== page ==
Speed Reads

comey tells all

James Comey tells Stephen Colbert he doesn't think Trump can successfully kill the Russia investigation

Stephen Colbert started off his interview with former FBI Director James Comey on Tuesday's Late Show by jokingly asking for his loyalty, as President Trump allegedly did, and Comey stared him down for a minute. Colbert lightened things up by pouring them paper cups of pinot noir, like Comey drank on the plane ride back to Washington after Trump fired him last year.

Comey explained his comparison of Trump and his entourage to a mafia family. "If you felt like you were working for a mob boss, were you surprised that you got whacked?" Colbert asked. Comey laughed and said no, "because that would be a crazy thing to do — why would you fire the FBI director who's leading the Russia investigation?" "Because you're leading the Russia investigation," Colbert said. "I don't know if you've dealt with mob bosses before, but they don't like to be investigated." Comey told Colbert that yes, he does know classified things about the Russia investigation, but he can't talk about them. "Drink some more wine," Colbert joked.

When Colbert asked Comey how he felt about Trump tweeting mean things about him, Comey joked that he's "like a breakup he can't get over. ... I'm out there living my best life. He wakes up in the morning and tweets at me." He said he wasn't "trying to make fun" or light of Trump with his one paragraph describing Trump's hair, skin, and hands, he was just "trying to observe and report," like an author.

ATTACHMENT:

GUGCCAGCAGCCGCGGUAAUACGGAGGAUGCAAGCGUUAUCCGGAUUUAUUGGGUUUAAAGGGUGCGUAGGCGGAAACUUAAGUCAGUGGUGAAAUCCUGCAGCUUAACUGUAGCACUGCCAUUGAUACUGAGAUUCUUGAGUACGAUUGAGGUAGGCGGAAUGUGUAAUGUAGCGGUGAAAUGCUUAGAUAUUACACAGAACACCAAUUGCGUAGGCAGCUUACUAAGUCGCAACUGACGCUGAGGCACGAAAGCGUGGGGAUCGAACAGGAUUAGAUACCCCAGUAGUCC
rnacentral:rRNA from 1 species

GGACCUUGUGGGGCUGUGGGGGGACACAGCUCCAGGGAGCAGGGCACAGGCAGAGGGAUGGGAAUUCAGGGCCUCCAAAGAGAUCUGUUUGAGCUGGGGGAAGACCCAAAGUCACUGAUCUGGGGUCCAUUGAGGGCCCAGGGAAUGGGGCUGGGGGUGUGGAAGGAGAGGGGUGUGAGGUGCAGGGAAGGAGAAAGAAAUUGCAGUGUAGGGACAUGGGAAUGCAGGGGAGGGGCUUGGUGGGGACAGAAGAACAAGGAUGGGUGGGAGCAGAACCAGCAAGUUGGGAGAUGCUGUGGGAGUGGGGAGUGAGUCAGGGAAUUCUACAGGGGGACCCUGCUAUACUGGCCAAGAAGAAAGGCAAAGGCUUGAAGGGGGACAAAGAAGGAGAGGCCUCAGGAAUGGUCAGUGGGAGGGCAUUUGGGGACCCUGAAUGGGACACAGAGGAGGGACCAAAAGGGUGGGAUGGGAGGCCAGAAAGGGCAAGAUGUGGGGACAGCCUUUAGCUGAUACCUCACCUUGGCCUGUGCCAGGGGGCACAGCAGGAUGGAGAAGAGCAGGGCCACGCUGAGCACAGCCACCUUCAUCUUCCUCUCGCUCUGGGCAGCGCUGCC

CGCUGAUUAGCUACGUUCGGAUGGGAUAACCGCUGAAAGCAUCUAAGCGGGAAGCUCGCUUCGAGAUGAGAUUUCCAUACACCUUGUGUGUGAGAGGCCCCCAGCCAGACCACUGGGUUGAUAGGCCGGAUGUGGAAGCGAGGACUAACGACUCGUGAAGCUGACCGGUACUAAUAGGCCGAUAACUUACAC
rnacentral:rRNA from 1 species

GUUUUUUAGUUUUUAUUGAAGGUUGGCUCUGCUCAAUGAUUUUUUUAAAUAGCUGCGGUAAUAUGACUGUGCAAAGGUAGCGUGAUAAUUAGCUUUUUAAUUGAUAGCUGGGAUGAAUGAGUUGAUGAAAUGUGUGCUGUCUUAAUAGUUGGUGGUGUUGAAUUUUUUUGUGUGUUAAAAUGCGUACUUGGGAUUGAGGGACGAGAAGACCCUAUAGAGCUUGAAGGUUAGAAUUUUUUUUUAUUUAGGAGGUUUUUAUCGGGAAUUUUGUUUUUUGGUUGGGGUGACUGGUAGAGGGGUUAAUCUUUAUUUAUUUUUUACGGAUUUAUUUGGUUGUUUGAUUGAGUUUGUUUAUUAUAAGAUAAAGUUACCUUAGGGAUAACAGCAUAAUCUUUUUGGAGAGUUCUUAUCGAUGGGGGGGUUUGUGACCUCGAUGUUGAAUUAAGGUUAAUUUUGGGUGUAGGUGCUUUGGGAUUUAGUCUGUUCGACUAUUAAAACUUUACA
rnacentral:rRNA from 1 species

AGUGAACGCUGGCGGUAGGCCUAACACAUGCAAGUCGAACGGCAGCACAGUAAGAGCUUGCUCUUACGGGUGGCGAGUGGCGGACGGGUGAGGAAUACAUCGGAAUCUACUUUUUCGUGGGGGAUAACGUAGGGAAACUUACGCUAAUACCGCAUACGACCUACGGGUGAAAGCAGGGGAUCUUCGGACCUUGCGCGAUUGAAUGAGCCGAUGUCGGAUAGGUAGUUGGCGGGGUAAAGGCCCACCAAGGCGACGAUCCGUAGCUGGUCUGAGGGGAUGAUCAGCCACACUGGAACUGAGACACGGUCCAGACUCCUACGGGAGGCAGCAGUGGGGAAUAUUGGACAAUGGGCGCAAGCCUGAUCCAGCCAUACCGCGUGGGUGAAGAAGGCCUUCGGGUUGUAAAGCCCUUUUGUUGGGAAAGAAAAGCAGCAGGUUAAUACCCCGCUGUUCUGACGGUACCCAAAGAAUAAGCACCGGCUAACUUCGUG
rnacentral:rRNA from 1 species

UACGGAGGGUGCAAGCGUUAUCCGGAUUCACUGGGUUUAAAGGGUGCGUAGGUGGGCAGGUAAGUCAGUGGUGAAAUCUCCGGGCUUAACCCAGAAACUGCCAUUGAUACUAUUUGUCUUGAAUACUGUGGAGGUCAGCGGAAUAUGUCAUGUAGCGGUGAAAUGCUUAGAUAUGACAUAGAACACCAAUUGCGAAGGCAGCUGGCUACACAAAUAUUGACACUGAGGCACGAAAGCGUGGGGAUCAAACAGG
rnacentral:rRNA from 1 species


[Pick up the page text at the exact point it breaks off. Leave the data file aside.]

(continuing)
Colbert had some tough questions about Comey's decisions on the Hillary Clinton email investigation, then asked if Special Counsel Robert Mueller's Russia investigation ends if Trump fires Mueller and Deputy Attorney General Rod Rosenstein? "I think most likely it goes on. I think you would need to fire everyone in the Justice Department and the FBI to stop that investigation," Comey said. "I could imagine U.S. attorney's offices picking it up, FBI field offices picking it up. I think it would be very hard to shut that down by firing."

Comey ended on a hopeful note, affirming his belief that America will thrive after Trump. "I see all parts of civil society, the media, the courts, even Congress starting to get off its read end — I see parts of this country being energized that haven't been energized, frankly, since the last great forest fire, which was Watergate." Watch below. Peter Weber